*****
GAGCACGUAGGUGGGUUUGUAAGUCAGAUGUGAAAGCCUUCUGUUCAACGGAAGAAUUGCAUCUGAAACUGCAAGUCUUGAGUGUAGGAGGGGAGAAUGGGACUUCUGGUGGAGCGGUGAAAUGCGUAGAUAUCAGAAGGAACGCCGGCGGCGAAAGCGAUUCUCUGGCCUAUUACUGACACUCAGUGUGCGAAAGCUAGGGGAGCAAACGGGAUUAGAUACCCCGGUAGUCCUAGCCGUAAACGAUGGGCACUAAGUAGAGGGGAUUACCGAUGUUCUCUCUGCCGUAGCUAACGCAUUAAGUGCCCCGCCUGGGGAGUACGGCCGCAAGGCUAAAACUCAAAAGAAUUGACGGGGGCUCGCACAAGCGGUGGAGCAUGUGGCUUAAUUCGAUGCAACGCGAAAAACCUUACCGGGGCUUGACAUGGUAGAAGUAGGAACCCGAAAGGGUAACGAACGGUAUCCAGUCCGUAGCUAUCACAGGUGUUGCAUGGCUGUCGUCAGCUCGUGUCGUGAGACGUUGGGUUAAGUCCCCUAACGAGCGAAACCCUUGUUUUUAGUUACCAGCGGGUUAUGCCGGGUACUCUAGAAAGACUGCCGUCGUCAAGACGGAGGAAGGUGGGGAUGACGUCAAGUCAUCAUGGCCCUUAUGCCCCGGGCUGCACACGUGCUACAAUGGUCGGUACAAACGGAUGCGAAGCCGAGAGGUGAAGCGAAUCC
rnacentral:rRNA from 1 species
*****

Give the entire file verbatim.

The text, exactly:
GAGCACGUAGGUGGGUUUGUAAGUCAGAUGUGAAAGCCUUCUGUUCAACGGAAGAAUUGCAUCUGAAACUGCAAGUCUUGAGUGUAGGAGGGGAGAAUGGGACUUCUGGUGGAGCGGUGAAAUGCGUAGAUAUCAGAAGGAACGCCGGCGGCGAAAGCGAUUCUCUGGCCUAUUACUGACACUCAGUGUGCGAAAGCUAGGGGAGCAAACGGGAUUAGAUACCCCGGUAGUCCUAGCCGUAAACGAUGGGCACUAAGUAGAGGGGAUUACCGAUGUUCUCUCUGCCGUAGCUAACGCAUUAAGUGCCCCGCCUGGGGAGUACGGCCGCAAGGCUAAAACUCAAAAGAAUUGACGGGGGCUCGCACAAGCGGUGGAGCAUGUGGCUUAAUUCGAUGCAACGCGAAAAACCUUACCGGGGCUUGACAUGGUAGAAGUAGGAACCCGAAAGGGUAACGAACGGUAUCCAGUCCGUAGCUAUCACAGGUGUUGCAUGGCUGUCGUCAGCUCGUGUCGUGAGACGUUGGGUUAAGUCCCCUAACGAGCGAAACCCUUGUUUUUAGUUACCAGCGGGUUAUGCCGGGUACUCUAGAAAGACUGCCGUCGUCAAGACGGAGGAAGGUGGGGAUGACGUCAAGUCAUCAUGGCCCUUAUGCCCCGGGCUGCACACGUGCUACAAUGGUCGGUACAAACGGAUGCGAAGCCGAGAGGUGAAGCGAAUCC
rnacentral:rRNA from 1 species